Regarding Cottom's motion in limine, during discovery Cottom moved for additional discovery, including a request for the original source code that was used to create and deploy the NIT; a code Cottom claimed was needed to determine how the NIT was configured. The government conceded that the original source code was not preserved and Cottom sought exclusion of the expert testimony of FBI Special Agent Smith and Supervisory Special Agent Gordon under Daubert v. Merrell Dow Pharmaceuticals, 509 U.S. 579 (1993). Because the original source code was not preserved, Cottom argued that these experts' opinions regarding the NIT employed in this case lacked proper foundation and were based on insufficient data. The district court denied the motion following a hearing on the matter. Cottom additionally challenges this ruling on appeal.


A. Motion to Suppress

“When reviewing a district court's denial of a suppression motion, we review for clear error the district court's factual findings and review de novo whether the Fourth Amendment was violated.” Welch, 811 F.3d at 279 (quoting United States v. Bell, 480 F.3d 860, 863 (8th Cir. 2007)). On these facts, “a Rule 41 violation amounts to a violation of the Fourth Amendment warranting exclusion 'only if [Cottom] is prejudiced or if reckless disregard of proper procedure is evident.”' Id. (quoting United States v. Spencer, 439 F.3d 905, 913 (8th Cir. 2006)).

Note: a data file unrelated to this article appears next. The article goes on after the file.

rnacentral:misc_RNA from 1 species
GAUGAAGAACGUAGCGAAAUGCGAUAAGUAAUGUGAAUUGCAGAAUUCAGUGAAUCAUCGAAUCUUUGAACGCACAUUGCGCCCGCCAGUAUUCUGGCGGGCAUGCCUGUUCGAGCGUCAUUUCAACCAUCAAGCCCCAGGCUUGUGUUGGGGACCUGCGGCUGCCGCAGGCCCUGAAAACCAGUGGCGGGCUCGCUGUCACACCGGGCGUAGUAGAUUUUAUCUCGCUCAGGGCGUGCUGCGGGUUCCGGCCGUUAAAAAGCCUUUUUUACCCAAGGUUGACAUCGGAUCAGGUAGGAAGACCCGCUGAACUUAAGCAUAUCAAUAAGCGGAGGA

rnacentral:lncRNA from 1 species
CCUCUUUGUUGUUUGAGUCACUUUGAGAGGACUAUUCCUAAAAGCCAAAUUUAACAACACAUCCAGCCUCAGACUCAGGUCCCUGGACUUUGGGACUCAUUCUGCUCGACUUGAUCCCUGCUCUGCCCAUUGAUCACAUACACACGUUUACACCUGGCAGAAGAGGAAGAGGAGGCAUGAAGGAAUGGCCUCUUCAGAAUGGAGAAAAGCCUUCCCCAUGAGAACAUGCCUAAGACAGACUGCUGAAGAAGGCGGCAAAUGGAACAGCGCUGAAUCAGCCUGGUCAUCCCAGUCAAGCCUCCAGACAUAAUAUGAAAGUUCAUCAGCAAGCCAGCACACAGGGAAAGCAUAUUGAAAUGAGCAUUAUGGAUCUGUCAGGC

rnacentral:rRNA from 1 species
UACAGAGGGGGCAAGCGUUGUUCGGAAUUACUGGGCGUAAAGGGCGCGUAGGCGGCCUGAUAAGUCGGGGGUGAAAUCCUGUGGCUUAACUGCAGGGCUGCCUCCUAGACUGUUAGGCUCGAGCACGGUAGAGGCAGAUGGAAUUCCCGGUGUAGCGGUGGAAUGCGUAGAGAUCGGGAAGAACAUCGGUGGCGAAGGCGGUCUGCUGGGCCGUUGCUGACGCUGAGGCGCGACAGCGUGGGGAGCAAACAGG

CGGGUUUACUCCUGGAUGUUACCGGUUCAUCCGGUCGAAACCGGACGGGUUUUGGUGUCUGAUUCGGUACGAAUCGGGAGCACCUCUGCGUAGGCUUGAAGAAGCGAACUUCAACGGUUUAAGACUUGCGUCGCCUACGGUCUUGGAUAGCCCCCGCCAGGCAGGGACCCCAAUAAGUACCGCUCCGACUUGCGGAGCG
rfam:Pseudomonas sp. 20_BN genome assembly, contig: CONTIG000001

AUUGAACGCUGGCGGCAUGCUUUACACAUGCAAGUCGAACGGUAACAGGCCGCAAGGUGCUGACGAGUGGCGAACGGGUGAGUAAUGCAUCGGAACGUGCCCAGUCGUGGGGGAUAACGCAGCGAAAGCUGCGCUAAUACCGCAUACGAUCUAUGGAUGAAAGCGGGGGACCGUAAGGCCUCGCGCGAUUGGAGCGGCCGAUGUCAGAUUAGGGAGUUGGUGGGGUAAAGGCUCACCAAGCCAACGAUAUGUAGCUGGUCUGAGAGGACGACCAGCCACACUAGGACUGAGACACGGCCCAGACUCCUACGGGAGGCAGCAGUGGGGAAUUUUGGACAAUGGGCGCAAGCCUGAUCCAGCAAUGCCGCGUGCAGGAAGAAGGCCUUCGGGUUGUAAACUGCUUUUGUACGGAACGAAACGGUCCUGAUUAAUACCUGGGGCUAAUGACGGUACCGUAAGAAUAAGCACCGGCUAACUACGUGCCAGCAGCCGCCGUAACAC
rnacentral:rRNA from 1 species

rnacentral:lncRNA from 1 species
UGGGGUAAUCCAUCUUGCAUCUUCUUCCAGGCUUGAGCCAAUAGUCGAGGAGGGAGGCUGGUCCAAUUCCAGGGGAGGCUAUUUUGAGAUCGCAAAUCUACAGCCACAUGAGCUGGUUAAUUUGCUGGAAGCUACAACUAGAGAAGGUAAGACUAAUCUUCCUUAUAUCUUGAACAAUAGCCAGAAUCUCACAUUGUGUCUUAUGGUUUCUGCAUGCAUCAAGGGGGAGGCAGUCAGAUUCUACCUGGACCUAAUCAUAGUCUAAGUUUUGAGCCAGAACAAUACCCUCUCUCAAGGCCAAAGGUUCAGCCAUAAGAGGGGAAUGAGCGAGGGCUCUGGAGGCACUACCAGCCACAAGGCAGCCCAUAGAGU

The NIT warrant at issue included a section entitled “Request for Delayed Notice” that cited the provisions of Rule 41(f)(3) and § 3103a(b)(1) and (3), and included factual support for the requested delay. Namely the affidavit stated that announcing the proposed use of the NIT could cause those individuals accessing the websites to undertake measures to conceal their identity or abandon the use of the websites completely; would risk the destruction of, or tampering with, evidence; and could seriously jeopardize the success of the investigation into the conspiracy and impede efforts to learn the identity of the target individuals, whose exact identities had not yet been determined. Accordingly, the government sought delay of notice “until 30 days after any individual accessing [the targeted websites] has been identified to a sufficient degree as to provide notice, unless the Court finds good cause for further delayed disclosure.”